Tuesday, July 20, 2010
You know that lingering feeling that you have forgotten something vitally important, yet you cant quite pinpoint exactly what has slipped your mind? Like a cloud of suspicion hanging low over your head, seeping into the peripheral of your every thought, its just enough to make total relaxation a touch out of reach. That is, I’ve decided, how it feels to travel sans the son. As if I’ve misplaced my passport in my luggage, or forgotten to check I’ve locked the front door, leaving a vaguely uneasy feeling to wash over me.
Posted by Donna at 7:42 PM
Monday, July 12, 2010
Ok, so perhaps its not so much “terribly advanced” as it is “terribly normal” but I naively felt I had until the clock struck midnight on August 20 to anticipate the arrival of this dreaded period, no doubt to be punctuated with lots of tears (mine) and stubborn shouting (mine again). But to be clear; he will always be the apple of his Mummy & Daddy’s eyes – naughty or not. But I fear others may find their formerly intense affection for Master Harrison Webeck starting to wane.
I can see it in people’s eyes – the once cute child who could do no wrong has morphed into a little monster – as if over night! He now insists this sideshow we call everyday life be run on his terms, and woe behold anyone who stands in his way. Unfortunately that “anyone” is often yours truly – oh yes, lucky Mummy… He has no hesitation in vocalizing his every demand (“Hey, give back my keys!” came one order from the car seat, after I wrested them from his steely grasp. Rather difficult to drive a car without them but try explaining that to an almost 23 month old who has his mind firmly fixed on only what he wants, not what Mummy needs to make the car go.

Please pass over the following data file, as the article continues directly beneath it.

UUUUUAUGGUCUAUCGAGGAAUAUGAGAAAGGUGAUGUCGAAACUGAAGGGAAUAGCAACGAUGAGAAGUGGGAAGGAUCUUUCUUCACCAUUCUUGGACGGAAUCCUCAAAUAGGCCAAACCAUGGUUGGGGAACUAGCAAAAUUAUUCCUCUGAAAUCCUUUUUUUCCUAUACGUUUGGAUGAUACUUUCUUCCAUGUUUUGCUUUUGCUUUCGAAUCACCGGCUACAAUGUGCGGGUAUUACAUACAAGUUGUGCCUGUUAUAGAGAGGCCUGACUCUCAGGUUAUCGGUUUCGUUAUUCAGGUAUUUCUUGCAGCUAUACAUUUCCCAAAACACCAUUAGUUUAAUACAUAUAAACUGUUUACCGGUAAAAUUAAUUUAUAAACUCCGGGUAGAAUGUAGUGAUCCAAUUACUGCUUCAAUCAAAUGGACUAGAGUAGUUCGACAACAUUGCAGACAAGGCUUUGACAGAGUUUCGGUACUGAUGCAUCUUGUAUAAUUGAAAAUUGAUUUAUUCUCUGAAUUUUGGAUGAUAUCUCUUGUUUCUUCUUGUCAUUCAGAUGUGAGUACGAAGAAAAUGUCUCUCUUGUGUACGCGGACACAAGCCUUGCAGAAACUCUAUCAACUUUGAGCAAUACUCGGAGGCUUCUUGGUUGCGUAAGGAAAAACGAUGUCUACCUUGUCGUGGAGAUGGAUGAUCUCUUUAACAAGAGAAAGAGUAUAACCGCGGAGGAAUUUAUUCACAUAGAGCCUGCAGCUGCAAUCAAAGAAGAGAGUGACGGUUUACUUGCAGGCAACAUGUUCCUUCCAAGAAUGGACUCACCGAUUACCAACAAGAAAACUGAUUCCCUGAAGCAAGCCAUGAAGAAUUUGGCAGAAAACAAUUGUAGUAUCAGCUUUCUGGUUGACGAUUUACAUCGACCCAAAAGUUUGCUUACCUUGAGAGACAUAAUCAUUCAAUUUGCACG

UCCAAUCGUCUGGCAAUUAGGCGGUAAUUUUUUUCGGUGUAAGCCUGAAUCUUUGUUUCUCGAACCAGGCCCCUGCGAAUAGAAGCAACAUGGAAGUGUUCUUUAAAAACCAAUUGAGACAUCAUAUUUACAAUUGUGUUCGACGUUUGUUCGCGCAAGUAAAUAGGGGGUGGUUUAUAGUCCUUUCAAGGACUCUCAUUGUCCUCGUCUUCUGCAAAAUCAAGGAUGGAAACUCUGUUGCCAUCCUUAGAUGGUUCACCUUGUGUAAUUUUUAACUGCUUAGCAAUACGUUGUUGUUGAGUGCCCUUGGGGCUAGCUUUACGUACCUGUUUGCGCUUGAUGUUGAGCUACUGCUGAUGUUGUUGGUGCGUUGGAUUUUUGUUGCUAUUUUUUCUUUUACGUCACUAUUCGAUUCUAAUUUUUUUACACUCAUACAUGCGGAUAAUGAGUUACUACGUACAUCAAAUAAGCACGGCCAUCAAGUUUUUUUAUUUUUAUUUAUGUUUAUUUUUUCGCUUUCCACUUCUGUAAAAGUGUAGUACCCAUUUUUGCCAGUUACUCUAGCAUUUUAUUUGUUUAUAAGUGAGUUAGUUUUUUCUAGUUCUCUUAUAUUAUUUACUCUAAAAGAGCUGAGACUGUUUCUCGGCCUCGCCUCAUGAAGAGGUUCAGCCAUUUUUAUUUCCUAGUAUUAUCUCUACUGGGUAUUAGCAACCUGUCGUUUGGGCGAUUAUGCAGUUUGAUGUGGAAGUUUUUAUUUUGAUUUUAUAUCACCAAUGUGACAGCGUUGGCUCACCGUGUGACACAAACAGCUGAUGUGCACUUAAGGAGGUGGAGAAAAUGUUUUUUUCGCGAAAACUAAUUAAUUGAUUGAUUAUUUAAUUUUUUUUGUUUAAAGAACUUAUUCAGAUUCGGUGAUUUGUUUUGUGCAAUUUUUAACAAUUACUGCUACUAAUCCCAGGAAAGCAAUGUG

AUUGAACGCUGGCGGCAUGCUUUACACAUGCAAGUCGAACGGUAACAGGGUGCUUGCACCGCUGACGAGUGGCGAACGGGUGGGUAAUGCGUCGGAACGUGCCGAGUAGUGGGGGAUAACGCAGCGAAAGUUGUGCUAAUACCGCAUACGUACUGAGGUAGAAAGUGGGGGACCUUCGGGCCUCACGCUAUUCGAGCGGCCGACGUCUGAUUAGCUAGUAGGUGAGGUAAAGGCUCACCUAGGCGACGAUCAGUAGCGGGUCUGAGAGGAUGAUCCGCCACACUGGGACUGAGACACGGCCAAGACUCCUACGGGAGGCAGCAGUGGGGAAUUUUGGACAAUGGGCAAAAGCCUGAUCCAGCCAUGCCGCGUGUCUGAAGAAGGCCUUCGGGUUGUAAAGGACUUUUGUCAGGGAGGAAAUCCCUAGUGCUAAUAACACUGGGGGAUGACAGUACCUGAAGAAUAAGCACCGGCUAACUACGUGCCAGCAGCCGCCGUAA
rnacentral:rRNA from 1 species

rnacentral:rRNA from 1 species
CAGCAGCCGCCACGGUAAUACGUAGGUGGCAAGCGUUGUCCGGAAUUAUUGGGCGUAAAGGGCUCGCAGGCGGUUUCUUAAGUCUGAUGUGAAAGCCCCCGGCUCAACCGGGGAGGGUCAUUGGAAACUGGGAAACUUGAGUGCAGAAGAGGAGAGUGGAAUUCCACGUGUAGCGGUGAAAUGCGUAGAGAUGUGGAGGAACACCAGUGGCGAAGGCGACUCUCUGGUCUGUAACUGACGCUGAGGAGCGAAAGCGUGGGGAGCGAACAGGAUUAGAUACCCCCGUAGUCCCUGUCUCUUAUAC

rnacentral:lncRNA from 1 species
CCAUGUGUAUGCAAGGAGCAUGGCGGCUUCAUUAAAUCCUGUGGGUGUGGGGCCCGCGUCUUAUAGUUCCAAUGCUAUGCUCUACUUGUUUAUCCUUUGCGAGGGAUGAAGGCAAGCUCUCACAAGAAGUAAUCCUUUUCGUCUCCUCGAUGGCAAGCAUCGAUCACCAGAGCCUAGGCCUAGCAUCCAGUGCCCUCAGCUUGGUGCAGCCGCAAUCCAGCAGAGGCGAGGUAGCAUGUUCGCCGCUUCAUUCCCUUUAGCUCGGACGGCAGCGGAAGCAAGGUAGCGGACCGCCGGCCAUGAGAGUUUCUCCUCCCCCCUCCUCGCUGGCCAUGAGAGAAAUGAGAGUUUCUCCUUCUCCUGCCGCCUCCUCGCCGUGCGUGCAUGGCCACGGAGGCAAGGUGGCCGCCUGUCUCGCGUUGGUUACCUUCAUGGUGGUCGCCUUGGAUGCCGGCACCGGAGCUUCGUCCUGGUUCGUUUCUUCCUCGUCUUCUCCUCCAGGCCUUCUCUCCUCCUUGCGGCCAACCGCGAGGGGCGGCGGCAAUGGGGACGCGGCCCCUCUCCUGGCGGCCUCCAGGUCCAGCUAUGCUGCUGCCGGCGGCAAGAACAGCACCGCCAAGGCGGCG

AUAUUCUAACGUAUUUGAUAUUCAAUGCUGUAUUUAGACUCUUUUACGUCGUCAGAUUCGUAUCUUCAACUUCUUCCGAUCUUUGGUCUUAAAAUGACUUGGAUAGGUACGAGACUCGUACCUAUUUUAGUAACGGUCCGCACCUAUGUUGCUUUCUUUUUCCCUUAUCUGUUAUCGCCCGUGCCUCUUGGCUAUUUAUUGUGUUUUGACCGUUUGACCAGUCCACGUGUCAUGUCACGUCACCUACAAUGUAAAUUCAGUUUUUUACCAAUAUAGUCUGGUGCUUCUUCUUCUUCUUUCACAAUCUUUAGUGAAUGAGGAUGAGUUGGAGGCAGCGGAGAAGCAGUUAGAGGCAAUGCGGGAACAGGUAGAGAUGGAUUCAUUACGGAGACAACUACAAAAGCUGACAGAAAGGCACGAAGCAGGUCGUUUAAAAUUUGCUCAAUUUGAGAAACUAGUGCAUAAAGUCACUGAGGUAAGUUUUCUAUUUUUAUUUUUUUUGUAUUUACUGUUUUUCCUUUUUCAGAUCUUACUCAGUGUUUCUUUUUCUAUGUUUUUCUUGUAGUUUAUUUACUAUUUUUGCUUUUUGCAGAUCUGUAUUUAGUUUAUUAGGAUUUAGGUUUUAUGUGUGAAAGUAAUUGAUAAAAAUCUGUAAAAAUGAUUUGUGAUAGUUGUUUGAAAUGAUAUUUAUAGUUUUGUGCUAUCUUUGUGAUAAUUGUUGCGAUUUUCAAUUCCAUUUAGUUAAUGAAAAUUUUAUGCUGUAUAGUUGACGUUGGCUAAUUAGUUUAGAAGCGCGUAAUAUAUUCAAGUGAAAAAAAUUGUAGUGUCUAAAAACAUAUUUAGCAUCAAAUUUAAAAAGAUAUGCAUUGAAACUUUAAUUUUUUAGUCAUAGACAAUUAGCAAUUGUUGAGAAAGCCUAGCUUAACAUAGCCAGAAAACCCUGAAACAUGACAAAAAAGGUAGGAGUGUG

And then this afternoon’s little episode – even nature’s creatures can bring about a meltdown. We arrive at the Park, and the magpies refuse to listen to his pleas to stay put as he chases them around the grass. After he cracks it, he storms off in a strop, informing me he is going home. Dutifully I begin to follow until he turns to me, and hand out in front in a halt signal he cries angrily “Stop Mummy, you stay here!”
Or this little gem, straight from the handbook of surly teens “I’m going to bed!” he shouted hotly, stomping off in the direction of his room, after he failed to win yet another battle of wills. I had to hide my bemused smile, instead offering a “Great, I’ll meet you there shall I? You can have a spell in the naughty corner at the same time…”